Most of us go to the gym looking to feel better, tone up and lose a few pounds in the process. With all the weight loss information out there, developing an effective routine to achieve this can seem overwhelming. The most important concept to remember for weight loss is that, in order to lose weight, you have to burn more calories than you consume.
To get the most out of your workouts and, in turn, the most efficient calorie-burn, let’s look at how calories are used during cardiovascular activity.
You use both fat and carbohydrates for energy during exercise. While exercising at lower intensities, (e.g., walking) fat accounts for a majority of your energy source. As your intensity increases, (e.g., jogging) the contribution of energy from fat decreases and the use of carbohydrates as a source of energy increases.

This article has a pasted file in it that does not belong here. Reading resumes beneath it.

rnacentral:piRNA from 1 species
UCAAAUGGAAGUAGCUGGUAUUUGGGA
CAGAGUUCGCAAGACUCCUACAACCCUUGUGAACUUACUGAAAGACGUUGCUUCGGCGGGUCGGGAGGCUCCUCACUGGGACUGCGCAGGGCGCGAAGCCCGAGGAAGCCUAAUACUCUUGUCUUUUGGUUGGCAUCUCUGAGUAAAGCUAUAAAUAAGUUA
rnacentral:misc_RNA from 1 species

Because a higher percentage of fat calories is used at lower intensities, people often assume that low intensity exercise is best for burning fat—an idea that has given birth to the “fat-burning zone.”
While a higher percentage of fat is used when exercising at lower intensities, the rate of calorie expenditure and the total number of calories used is much greater, as the intensity and breathing rate increases. This is going to lead to a greater total amount of fat being burned compared to lower intensities.
The post-exercise calorie burn from more intense exercise also adds to an increase in fat calories burned that is not seen in low-intensity exercise. For best results, focus on varying your intensity throughout the workout.
Ultimately the body does not care what fuel you consume, the result is the same. If you consume more than you burn off, it’ll lead to weight gain. A healthy lifestyle includes a well-balanced diet and an exercise routine that involves aerobic exercise at various intensities and strength training. Please consult an exercise specialist to make sure your exercise prescription incorporates all these components.